Our aged care industry has been a for-profit racket since the Howard days. And it’s exactly why I’m cynical about promises of change.

 

 

While researching this article, one little story stuck in my mind – and in my craw. It shrieked of indignity and cost-cutting. At a Queensland hospital, an 87-year-old man asked a nurse for a bed-pan because he urgently needed to pee. The nurse explained they only had two for his entire ward, and asked him if he could wait.

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More taxpayers’ dollars were spent on my food when I was in jail than is spent on most daily feeds for elderly Australians. That is true. I got $10 a day to buy food. In aged care facilities, it is $6.07. In the slammer, we had the option of steaks, roast chicken and as much free milk as we wanted. Compare that to what people in aged care get proffered. Sometimes it’s just party pies for dinner. 

So, don’t be fooled by the unctuous bleatings of our leaders in Canberra after the release of the Royal Commission into aged care and its scathing conclusions. It should come as no shock to anyone. No wonder the royal commission highlighted ‘staggering’ rates of malnutrition and unplanned weight loss in Australian nursing homes. Witnesses testified that unplanned weight loss was ‘rife’ because there was not enough money to buy food nor enough staff to help residents to eat.

For years, I said to politicians on radio and television: ‘The only difference between old people and you, is that they got there first’.  

Then I became a politician and also an old person. In the Senate, I tried to get support for nurse and carer ratios in aged care facilities. I had huge support from nurses and some MPs like Ged Kearney. We even had a huge rally in Moonee Ponds — Bill Shorten’s electorate. I got nowhere. In Canberra, I got no support. Not from the Nats, nor the Liberals, Labor or even the Greens. 

That’s why I cringed when watching the Prime Minister’s crocodile tears this week. It’s why I tweeted: ‘Why did it take a Royal Commission for any government to treat old Australians with decency and respect?’ Why indeed? It has been a bloody disgrace for decades.

And don’t let governments, Liberal or Labor, state or federal, try to somehow blame these parlous conditions on the coronavirus pandemic. They have all let down our vulnerable elderly for bloody years. Let down Australian stalwarts who diligently paid taxes for 50 or 60 years, and who just want some comfort and dignity and support in their twilight years.

 


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Didn’t Kevin Rudd leak a Labor Government Cabinet discussion accusing Julia Gillard of saying there were no Labor votes in old people? But the blame can be sheeted home to both sides. Decades ago, we had the kerosene bath scandal in Melbourne when Bronwyn Bishop was the federal Health Minister.

For years, it has been a sick joke in the industry that inspectors call a nursing home before arriving for an ‘impromptu’ inspection. Time for the home to bring in extra staff and clean the place up before returning to neglectful normalcy.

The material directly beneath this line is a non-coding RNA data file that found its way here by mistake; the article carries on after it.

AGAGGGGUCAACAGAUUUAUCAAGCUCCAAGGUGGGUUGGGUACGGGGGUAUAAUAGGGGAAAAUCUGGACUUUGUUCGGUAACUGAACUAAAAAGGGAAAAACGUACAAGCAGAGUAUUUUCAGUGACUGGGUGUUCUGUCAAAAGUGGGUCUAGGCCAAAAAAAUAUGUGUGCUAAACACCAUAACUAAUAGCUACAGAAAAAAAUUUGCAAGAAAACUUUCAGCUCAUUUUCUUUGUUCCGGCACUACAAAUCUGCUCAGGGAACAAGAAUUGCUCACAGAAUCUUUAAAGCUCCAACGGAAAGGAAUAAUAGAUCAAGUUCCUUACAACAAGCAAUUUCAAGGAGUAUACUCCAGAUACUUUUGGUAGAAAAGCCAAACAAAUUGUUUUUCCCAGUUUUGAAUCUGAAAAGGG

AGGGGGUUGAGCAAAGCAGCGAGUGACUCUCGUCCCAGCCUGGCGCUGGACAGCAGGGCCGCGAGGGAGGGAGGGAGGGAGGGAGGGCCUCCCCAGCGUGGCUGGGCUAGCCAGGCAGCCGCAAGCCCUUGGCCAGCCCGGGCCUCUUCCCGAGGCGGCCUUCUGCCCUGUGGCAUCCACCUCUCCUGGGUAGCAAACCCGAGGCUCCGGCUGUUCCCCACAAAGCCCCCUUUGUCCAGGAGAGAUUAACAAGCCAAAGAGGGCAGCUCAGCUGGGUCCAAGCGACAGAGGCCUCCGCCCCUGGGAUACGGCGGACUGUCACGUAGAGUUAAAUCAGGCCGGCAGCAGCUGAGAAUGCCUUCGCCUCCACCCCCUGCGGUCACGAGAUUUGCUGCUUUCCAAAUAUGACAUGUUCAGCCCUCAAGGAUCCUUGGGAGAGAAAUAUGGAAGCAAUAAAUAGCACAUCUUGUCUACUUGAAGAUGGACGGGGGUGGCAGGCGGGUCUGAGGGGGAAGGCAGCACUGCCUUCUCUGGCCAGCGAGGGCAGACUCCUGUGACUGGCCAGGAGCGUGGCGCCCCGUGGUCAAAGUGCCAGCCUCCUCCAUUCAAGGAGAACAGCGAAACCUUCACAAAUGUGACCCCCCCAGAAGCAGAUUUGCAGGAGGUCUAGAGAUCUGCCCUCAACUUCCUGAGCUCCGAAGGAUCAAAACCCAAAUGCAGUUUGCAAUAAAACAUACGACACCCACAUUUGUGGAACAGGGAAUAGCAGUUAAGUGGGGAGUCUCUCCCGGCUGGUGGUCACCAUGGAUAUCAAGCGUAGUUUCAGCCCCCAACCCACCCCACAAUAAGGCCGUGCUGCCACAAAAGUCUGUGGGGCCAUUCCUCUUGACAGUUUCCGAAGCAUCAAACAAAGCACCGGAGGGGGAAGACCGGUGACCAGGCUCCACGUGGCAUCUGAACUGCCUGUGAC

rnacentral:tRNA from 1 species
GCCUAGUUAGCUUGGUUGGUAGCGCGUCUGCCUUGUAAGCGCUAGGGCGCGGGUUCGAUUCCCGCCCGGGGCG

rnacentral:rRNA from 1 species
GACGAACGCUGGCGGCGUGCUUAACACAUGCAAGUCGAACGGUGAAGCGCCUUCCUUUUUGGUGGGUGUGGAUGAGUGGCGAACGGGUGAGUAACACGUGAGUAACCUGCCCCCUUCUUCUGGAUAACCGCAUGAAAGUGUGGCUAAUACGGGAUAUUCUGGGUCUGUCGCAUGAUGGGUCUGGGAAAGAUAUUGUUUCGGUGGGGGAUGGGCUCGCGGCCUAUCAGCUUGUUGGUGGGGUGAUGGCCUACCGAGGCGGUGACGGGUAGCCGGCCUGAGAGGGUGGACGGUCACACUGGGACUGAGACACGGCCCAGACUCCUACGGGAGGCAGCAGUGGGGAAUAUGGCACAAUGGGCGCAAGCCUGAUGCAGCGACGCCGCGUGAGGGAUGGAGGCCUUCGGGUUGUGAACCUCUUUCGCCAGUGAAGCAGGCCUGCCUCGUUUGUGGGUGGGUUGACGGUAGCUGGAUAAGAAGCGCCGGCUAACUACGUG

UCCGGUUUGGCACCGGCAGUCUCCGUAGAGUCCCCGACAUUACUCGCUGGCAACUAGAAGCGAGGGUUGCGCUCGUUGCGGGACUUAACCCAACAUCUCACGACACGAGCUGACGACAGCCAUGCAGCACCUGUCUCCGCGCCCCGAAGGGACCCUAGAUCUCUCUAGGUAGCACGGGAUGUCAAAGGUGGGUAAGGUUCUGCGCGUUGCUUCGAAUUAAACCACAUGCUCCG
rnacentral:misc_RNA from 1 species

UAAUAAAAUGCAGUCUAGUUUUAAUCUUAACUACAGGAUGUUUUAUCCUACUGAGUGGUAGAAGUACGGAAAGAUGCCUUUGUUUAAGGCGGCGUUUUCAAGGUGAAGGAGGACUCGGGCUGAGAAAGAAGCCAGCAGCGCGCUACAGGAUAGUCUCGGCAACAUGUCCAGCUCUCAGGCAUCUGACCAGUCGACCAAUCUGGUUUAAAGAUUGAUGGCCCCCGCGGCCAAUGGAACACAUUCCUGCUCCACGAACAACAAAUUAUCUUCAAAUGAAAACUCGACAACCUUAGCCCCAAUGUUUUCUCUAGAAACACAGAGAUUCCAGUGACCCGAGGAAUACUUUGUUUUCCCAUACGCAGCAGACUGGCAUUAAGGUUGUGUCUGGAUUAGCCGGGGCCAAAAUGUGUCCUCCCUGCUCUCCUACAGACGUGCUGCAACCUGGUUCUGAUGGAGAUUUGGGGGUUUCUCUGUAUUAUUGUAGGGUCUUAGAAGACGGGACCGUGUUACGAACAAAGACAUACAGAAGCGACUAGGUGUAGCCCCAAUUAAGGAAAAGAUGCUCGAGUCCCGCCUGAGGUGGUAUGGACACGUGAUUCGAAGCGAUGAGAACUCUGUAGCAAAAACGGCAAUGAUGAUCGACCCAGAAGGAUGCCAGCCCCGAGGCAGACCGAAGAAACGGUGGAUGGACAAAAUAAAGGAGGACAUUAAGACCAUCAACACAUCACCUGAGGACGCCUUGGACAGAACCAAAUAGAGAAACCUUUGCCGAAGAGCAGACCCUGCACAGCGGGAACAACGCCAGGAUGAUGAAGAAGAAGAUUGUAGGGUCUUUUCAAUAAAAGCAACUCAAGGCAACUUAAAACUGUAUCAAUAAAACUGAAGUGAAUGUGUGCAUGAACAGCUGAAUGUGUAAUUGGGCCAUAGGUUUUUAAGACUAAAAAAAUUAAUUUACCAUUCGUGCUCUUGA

Nurses and carers have told me horror stories. They are given minutes to shower and dress frail residents. Often people don’t even have time to have their teeth brushed. When I was in the Senate, I saw aged care documents that showed staff being told they were allotted six minutes to shower and dress a resident. (Or ‘client’ as the memo called them). I’m still fairly agile for an old bloke and I could not possibly do both of those things in six minutes. Broken alarm systems go unfixed for days because these things cost money, you know.

In my opinion, the degradation of our aged care system goes back to when John Howard was prime minister. He softened the rules and gave a green light to voracious private aged care facilities to turn the care of our elderly into a motza. An easy way to make lots of money. 

 

Morrison dramatically announced (as he flourished the Royal Commission report) that his government had committed another $452 million to the cause. He failed to mention that about $300 million of that will go straight to the coffers of the private health care facility owners.

 

Many people still do not realise that the federal government gives millions, hundreds of millions, of taxpayers’ money to the commercial owners of old age centres. It has become profit before passionate care. Money before morality. 

This week, Prime Minister Morrison dramatically announced (as he flourished the Royal Commission report) that his government had committed another $452 million to the cause. He failed to mention that about $300 million of that will go straight to the coffers of the private health care facility owners. And there are still no transparency laws to show where all that government money goes.

Private care has become so commercial that harmful short cuts have been made to keep the profit margins up. Lowly paid casuals too often fill the schedule slots. Some have no training, no first aid, and some don’t even speak English. 

In the past 20-25 years there have been 18 inquiries into aged care.

Will this one have a different, positive, result? For the sake of parents and grandparents, I hope so.

 

 

 

 

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